The Importance of a Video Game Soundtrack – Part 2 of an Analog Roundtable

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Yesterday we posted the first part of our roundtable discussion on whether or not soundtracks in video games are important as well as listing some of the staff’s favourite tracks. Due to how thorough our staff are when giving their thoughts and opinions, the feature was split into two parts, this being the second and final piece. As a friendly reminder, these are the three questions we asked each of the staff:

How important is a game’s soundtrack in your opinion?

Which game do you feel has the best soundtrack and why?

What is your favourite video game track?

Hugh “Bear” Simmonds

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“Gaming soundtracks are so important, the better games use it to help convey emotion. A fine example of this is Unfinished Swan where the music creates the emotion as too does the absence of it in a certain section too. GTA San Andreas had one of the best soundtracks in my opinion, although the GTA games all have good soundtracks (the 3D ones anyways.)

Favourite songs are the Joker singing at the end of Arkham City, after what had just happened and was slightly haunting and sums up Joker and Batmans relationship. Or it has to be Bury Me Not On The Lone Prairie from Red Dead Redemption it fits perfectly with again what has just happened, burying his parents and going for revenge”

Aaron “You Can’t See Me” Boland

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“The soundtrack behind the game is one of the most unappreciated parts of the game. It’s the thing most people just look over or don’t notice, but if you imagine a game with no music then you might think differently. The music sets the stage for the game your playing, fast paced music for some upcoming action or slow and emotional for a dramatic scene. The soundtrack is a very important part of the overall experience for me. 

My favorite video game soundtrack would have to be Shadow of Colossus because it just emphasizes that feeling of exploration and wonder. It makes you want to try harder to succeed while you’re playing and it is just full of epic orchestral performances that make each moment memorable.”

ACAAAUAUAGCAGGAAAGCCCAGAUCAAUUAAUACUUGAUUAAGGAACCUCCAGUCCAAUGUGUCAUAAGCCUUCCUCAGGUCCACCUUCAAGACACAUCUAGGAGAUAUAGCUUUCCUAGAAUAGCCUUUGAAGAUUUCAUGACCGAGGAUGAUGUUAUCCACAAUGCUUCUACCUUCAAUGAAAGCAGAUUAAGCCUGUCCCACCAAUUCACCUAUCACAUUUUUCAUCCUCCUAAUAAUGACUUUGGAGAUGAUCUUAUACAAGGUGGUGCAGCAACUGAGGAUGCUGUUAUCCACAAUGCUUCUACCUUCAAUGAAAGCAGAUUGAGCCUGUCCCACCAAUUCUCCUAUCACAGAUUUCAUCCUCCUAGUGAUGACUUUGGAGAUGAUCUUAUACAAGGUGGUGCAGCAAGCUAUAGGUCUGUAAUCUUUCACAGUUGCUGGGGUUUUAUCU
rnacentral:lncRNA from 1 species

Robert “Keyblade” Key

That's a funny looking Keyblade, Robert

That’s a funny looking Keyblade, Robert

“While I do and will always believe gameplay is the absolute most important factor in video games, the music and sound in video games still play a vital role in how a game pans out. Just try and picture a game without music and sound. How dull would that be? To me, music does two things for a video game: sets the mood and makes the experience emotional/memorable. Imagine having an instrumental version of the song ‘Girls’ by Beastie Boys playing in the background while you’re walking down dark narrow halls in Dead Space. Doesn’t fit right? It’s because music can increase the excitement or adrenaline rush of an ever intense moment in games. Music is also a gateway to, in a way, access the games even if we are not playing them. For example, whenever ‘Kokiri Forest’ appear on my iPod’s shuffle, it instantly takes me back to the time when I was a ‘wee little lad’ and I first merged myself into the magical world that I now know as ‘The Legend of Zelda: Ocarina of Time.’ Instances like that where I don’t even have to play a game to relive an experience is something not even gameplay can do.

As far as my favorite soundtracks, one of them is, as you may have already guessed, Ocarina of Time’s. It’s something I could listen to for hours on end and something about it has made me appreciate it even more with age (not that I’m that old). Every song, and I do mean every song, matches with the scene perfectly every single time. Even if it makes me think of all the annoying times the damn owl stops me in the middle of my quests to save the world, I even manage to crack a smile when Kaepora Gaebora’s Theme plays. Of course one of my favorite songs from Ocarina of Time is definitely Ganondorf’s Theme. It always makes me think of the long journey up those stair steps when you’re on your way to the final battle against the King of Evil.